Of note are also the suede-topped yoga mats (sometimes called 2-in-1 mats or towel-mat combos). These fuse a hot yoga towel to a yoga mat. The problem with this style is that it has the cons of both a yoga towel (needing to spray it down before class) and a polyurethane mat (hard to thoroughly clean). This is why I've chosen not to sell this style of mat.

To see a variety of hot yoga mats and hot yoga towels, visit the collection here.

2. Hydrate

  • I cannot emphasize enough the importance of hydration. If someone is sweating buckets in a hot yoga class and does not drink enough water during the day...welp, that person is going to get dizzy. I've seen it time and again: "Erin, when I stood up during class, I got so dizzy the room started spinning." "How much water did you drink before class?" "Well, none..." Drinking plenty of water is one of the best habits you can develop in general, but drinking water before and after hot yoga is critical.

  • So make it enjoyable for yourself. I've become a big fan of bottles that keep my water cold no matter the surrounding temp, which is why I carry this bottle. It's worth it.

3. Expect sweat

  • There's sweating, and then there's hot yoga sweating. Sometimes, midway through class, it feels like even my teeth are sweating. Get yourself a good hand towel for those moments. I don't see enough people using these types of towels in hot yoga, and they make a world of difference for that midway point of class. I recommend these options:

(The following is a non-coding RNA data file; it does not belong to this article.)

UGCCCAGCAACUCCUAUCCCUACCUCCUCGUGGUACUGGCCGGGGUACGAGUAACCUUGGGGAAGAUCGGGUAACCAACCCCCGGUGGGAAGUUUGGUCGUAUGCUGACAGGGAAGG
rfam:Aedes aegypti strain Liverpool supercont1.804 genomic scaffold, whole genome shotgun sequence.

• A thicker cotton/poly towel that you wet and wring out before class, like this one, this one, or this one.

  • A cool-technology towel, such as this one on Amazon, that you wet and wring out before class.

4. Dress for the occasion

  • If we were going to wander through the desert together, I'd say pack you some white cotton clothes. But that's not what we're doing. In the thick of hot yoga, cotton sticks to everything and becomes heavy, and white becomes see through. Poly/spandex or nylon/lycra blends are the most breathable and sweat-wicking for hot yoga, and also tend to stay where they need to during practice (like this, this, or this ).


So gather some gear that makes you more comfortable in the midst of the uncomfortable, so that you can face challenges like the beast you are. I'll see you on the mat.

 

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May you be happy. May you be well.